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Tiny Magnets Used to Detect Breast Cancer

Tiny Magnets Used to Detect Breast Cancer

Tiny Magnets Used to Detect Breast Cancer

Tiny Magnets Used to Detect Breast Cancer

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Researchers at Case Western Reserve University have developed a magnetic resonance imaging (MRI) contrast agent that detects much smaller aggressive breast cancer tumors and micrometastases than current agents can identify.

"Currently, there is no imaging technology in clinical use that can detect tumors or metastases smaller than 2 millimeters in diameter," said Zheng-Rong Lu, professor of biomedical engineering and leader of the research. "This can detect them as small as 300 microns--a few hundred cells."

Metastasis is the most common cause of breast cancer deaths. Scientists believe early detection and treatment of primary and metastatic tumors increases the chances of survival.


Lu spent a decade developing and testing imaging agents. He worked with Case Western Reserve University research associate Dr. Zhuxian Zhou, PhD students Mohammed Qutaish, Zheng Han, Rebecca Schur and Yiqiao Liu and fellow biomedical engineering professor David Wilson.

The key to earlier detection is a small peptide gadolinium-based MRI contrast agent that binds to molecular markers, called fibrin-fibronectin complexes. The complexes are expressed in high-risk primary tumors and metastases.

The small peptide is a chain of five amino acids. Called CERKA for short, the peptide doesn't attach to healthy tissues. But in metastatic tumors and aggressive primary tumors--especially those preparing to metastasize--more fibronectin is expressed and more image contrast generated, the researchers found.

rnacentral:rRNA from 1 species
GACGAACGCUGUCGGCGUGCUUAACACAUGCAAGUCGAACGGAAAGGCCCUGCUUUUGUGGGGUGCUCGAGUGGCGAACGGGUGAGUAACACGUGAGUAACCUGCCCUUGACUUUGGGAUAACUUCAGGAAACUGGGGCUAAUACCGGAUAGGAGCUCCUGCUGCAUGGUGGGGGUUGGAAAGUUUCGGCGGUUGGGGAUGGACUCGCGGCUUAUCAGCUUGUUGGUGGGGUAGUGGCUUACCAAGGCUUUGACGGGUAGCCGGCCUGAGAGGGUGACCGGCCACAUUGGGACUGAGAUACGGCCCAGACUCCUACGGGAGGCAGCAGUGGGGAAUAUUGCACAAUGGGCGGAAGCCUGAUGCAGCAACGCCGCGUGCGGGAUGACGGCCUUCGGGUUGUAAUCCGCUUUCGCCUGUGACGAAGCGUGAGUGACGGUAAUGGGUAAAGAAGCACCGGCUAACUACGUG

"We not only detect the tumor, but detect it's aggressiveness," Lu said.

The engineers tested the agent on mice bearing breast cancer metastases. Signals generated during a molecular MRI showed the agent was effective at delineating primary tumors and micrometastases in the lung, liver, lymph node, adrenal gland, bone and brain as small as 300 micrometers. The agent increased the signal output from metastases by 77 percent to 122 percent.

The engineers confirmed the findings using Wilson's high-resolution fluorescence cryo-imaging system, which is sensitive enough to identify single cancer cells, but unusable on human patients.

Lu and his colleagues plan to pursue tests proving the agent is safe and hope to begin clinical trials within three years. A biodistribution test previously done showed the agent clears the body in eight hours, about the same time as current clinical contrast agents.

The researchers are also working to make the agent more tumor-specific, starting with tweaking the technology to detect prostate cancer.